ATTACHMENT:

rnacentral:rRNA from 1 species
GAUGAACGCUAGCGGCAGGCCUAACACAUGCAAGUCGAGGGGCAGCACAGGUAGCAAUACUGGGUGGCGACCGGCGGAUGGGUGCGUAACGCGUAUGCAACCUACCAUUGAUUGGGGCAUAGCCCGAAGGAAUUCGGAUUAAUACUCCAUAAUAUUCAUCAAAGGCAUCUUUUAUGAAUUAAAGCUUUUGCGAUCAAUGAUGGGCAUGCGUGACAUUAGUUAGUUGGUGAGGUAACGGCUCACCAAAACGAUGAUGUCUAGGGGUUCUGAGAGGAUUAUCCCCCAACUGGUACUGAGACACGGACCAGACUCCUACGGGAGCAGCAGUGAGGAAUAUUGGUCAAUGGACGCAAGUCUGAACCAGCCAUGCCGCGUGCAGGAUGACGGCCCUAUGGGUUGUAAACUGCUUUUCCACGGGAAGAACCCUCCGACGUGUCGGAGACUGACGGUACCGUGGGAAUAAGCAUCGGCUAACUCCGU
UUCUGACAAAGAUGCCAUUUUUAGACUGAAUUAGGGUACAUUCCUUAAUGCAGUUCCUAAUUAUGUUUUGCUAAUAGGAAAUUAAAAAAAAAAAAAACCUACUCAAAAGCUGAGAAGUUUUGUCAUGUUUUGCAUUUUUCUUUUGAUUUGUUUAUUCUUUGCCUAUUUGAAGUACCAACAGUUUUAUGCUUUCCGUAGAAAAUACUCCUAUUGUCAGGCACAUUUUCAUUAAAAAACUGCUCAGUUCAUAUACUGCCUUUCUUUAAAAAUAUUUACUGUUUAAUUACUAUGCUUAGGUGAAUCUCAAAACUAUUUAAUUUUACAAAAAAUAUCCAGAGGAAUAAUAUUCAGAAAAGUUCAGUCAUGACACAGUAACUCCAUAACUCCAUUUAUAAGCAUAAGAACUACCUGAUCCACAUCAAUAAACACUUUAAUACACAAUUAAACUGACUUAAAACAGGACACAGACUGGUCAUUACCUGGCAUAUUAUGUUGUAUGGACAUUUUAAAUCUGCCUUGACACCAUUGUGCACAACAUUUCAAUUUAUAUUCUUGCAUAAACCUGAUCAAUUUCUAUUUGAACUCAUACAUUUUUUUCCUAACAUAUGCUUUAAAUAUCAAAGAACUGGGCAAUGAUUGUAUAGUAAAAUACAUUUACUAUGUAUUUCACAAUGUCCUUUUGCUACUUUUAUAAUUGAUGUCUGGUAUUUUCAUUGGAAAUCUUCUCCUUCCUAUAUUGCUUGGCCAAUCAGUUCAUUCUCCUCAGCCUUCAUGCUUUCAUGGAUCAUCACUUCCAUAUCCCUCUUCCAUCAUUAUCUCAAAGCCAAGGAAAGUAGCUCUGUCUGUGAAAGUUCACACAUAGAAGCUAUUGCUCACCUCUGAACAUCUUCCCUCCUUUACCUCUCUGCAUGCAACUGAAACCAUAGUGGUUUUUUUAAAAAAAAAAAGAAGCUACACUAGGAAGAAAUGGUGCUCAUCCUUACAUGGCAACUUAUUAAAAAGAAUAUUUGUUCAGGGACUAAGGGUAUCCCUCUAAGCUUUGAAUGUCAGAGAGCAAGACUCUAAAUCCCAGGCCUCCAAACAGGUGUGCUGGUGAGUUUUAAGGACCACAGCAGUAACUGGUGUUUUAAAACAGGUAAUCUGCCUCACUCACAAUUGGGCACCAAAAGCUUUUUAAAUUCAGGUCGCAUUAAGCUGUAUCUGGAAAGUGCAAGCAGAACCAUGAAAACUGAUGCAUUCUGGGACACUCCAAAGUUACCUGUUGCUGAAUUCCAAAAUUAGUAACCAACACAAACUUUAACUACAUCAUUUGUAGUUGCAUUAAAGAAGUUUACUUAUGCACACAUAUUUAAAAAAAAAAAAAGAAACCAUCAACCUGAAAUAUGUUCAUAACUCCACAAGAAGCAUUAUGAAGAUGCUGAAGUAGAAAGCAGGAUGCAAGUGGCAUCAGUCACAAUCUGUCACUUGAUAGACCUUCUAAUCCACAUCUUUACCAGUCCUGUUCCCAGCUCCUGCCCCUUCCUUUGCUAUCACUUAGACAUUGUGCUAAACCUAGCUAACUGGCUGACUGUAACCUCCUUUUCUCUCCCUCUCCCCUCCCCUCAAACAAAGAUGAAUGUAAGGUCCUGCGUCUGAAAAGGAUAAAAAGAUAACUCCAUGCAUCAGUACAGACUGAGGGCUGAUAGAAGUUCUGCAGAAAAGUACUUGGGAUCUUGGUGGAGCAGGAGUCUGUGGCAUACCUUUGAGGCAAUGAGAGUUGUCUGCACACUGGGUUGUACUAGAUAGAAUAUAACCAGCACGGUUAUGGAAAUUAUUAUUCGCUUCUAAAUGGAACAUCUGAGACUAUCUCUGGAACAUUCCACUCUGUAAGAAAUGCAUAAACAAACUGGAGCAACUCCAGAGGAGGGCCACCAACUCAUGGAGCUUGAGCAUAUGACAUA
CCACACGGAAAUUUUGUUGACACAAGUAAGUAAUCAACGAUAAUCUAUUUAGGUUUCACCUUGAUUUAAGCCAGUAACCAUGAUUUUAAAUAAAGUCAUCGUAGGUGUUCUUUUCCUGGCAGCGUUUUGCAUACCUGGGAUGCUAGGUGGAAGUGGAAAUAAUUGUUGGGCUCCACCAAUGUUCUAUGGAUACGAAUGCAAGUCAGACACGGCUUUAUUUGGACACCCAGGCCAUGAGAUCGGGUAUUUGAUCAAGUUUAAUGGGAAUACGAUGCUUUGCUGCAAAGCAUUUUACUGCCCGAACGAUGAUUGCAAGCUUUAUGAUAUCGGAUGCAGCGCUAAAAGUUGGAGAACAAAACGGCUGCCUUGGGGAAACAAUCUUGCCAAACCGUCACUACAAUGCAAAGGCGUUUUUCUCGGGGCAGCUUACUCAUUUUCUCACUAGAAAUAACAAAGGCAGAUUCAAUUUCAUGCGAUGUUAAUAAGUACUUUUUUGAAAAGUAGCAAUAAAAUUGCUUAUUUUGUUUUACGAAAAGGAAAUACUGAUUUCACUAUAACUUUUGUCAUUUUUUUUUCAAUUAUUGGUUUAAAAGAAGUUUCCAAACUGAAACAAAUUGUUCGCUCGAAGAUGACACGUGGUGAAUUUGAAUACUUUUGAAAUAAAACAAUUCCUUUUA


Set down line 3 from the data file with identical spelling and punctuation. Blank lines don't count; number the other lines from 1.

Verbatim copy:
UUCUGACAAAGAUGCCAUUUUUAGACUGAAUUAGGGUACAUUCCUUAAUGCAGUUCCUAAUUAUGUUUUGCUAAUAGGAAAUUAAAAAAAAAAAAAACCUACUCAAAAGCUGAGAAGUUUUGUCAUGUUUUGCAUUUUUCUUUUGAUUUGUUUAUUCUUUGCCUAUUUGAAGUACCAACAGUUUUAUGCUUUCCGUAGAAAAUACUCCUAUUGUCAGGCACAUUUUCAUUAAAAAACUGCUCAGUUCAUAUACUGCCUUUCUUUAAAAAUAUUUACUGUUUAAUUACUAUGCUUAGGUGAAUCUCAAAACUAUUUAAUUUUACAAAAAAUAUCCAGAGGAAUAAUAUUCAGAAAAGUUCAGUCAUGACACAGUAACUCCAUAACUCCAUUUAUAAGCAUAAGAACUACCUGAUCCACAUCAAUAAACACUUUAAUACACAAUUAAACUGACUUAAAACAGGACACAGACUGGUCAUUACCUGGCAUAUUAUGUUGUAUGGACAUUUUAAAUCUGCCUUGACACCAUUGUGCACAACAUUUCAAUUUAUAUUCUUGCAUAAACCUGAUCAAUUUCUAUUUGAACUCAUACAUUUUUUUCCUAACAUAUGCUUUAAAUAUCAAAGAACUGGGCAAUGAUUGUAUAGUAAAAUACAUUUACUAUGUAUUUCACAAUGUCCUUUUGCUACUUUUAUAAUUGAUGUCUGGUAUUUUCAUUGGAAAUCUUCUCCUUCCUAUAUUGCUUGGCCAAUCAGUUCAUUCUCCUCAGCCUUCAUGCUUUCAUGGAUCAUCACUUCCAUAUCCCUCUUCCAUCAUUAUCUCAAAGCCAAGGAAAGUAGCUCUGUCUGUGAAAGUUCACACAUAGAAGCUAUUGCUCACCUCUGAACAUCUUCCCUCCUUUACCUCUCUGCAUGCAACUGAAACCAUAGUGGUUUUUUUAAAAAAAAAAAGAAGCUACACUAGGAAGAAAUGGUGCUCAUCCUUACAUGGCAACUUAUUAAAAAGAAUAUUUGUUCAGGGACUAAGGGUAUCCCUCUAAGCUUUGAAUGUCAGAGAGCAAGACUCUAAAUCCCAGGCCUCCAAACAGGUGUGCUGGUGAGUUUUAAGGACCACAGCAGUAACUGGUGUUUUAAAACAGGUAAUCUGCCUCACUCACAAUUGGGCACCAAAAGCUUUUUAAAUUCAGGUCGCAUUAAGCUGUAUCUGGAAAGUGCAAGCAGAACCAUGAAAACUGAUGCAUUCUGGGACACUCCAAAGUUACCUGUUGCUGAAUUCCAAAAUUAGUAACCAACACAAACUUUAACUACAUCAUUUGUAGUUGCAUUAAAGAAGUUUACUUAUGCACACAUAUUUAAAAAAAAAAAAAGAAACCAUCAACCUGAAAUAUGUUCAUAACUCCACAAGAAGCAUUAUGAAGAUGCUGAAGUAGAAAGCAGGAUGCAAGUGGCAUCAGUCACAAUCUGUCACUUGAUAGACCUUCUAAUCCACAUCUUUACCAGUCCUGUUCCCAGCUCCUGCCCCUUCCUUUGCUAUCACUUAGACAUUGUGCUAAACCUAGCUAACUGGCUGACUGUAACCUCCUUUUCUCUCCCUCUCCCCUCCCCUCAAACAAAGAUGAAUGUAAGGUCCUGCGUCUGAAAAGGAUAAAAAGAUAACUCCAUGCAUCAGUACAGACUGAGGGCUGAUAGAAGUUCUGCAGAAAAGUACUUGGGAUCUUGGUGGAGCAGGAGUCUGUGGCAUACCUUUGAGGCAAUGAGAGUUGUCUGCACACUGGGUUGUACUAGAUAGAAUAUAACCAGCACGGUUAUGGAAAUUAUUAUUCGCUUCUAAAUGGAACAUCUGAGACUAUCUCUGGAACAUUCCACUCUGUAAGAAAUGCAUAAACAAACUGGAGCAACUCCAGAGGAGGGCCACCAACUCAUGGAGCUUGAGCAUAUGACAUA